SEO companies have been around long enough now that most people understand the basic concept. But if you ask most people what they think it's about they'll usually say the same thing: more traffic. Most SEO folks I've met simply re-affirm this. The trouble with traffic-focused SEO is that it ignores the most important thing about a website.
Put plainly: your website isn't there just to look pretty. Design is important, but the difference between attractive and effective is conversion. Conversion is when a reader does something rather than clicking away from your site. Whatever action you'd like site visitors to take — whether it's calling you or signing up for your newsletter — you need to guide them toward it. The design should be built with this in mind, as should the content.
Traffic needs focus.
Writing generic content meant to help the site rank better may indeed increase traffic. But if the website isn't equipped to convert that traffic into business, you're spinning your wheels.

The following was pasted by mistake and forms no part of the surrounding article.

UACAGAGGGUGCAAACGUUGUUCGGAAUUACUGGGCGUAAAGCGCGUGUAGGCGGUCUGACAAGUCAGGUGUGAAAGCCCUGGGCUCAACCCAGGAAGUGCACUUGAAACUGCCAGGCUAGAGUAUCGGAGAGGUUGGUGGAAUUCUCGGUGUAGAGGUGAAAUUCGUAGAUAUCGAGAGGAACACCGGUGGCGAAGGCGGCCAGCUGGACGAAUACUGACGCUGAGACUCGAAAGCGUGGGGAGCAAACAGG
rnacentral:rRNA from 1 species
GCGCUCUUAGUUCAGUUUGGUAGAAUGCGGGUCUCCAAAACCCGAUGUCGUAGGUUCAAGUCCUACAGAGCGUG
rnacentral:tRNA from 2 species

Traffic is important, of course.
Without it there would be no potential for activity on your site. But there should always be a plan for what's next. Doubling your web traffic, depending on your circumstances, can be a long process. But doubling your conversion rate when it's low? A lot of times there are some straightforward fixes you can implement quickly for immediate change.
Conversions involve a series of little nudges.
It starts with design that visually compels toward certain actions, and continues in the tone of the content. But it also involves the right calls to action.
As unnecessary as it might seem at first, you have to ask your prospects to take action. Even if they like the look of your website, and even if your page content was interesting and informative, their natural inclination may not be to reach for the phone or sign up for something.
The absence or presence of those words matters more than you might think. In fact, some studies show that changing one word in the call to action text increase a site's conversion 48%. (In that example, changing "Create Your Account" to "Create My Account" made all the difference.)
The takeaway is this: websites are more than attractive images stuck together by code. Develop with a plan and you'll get what you need.
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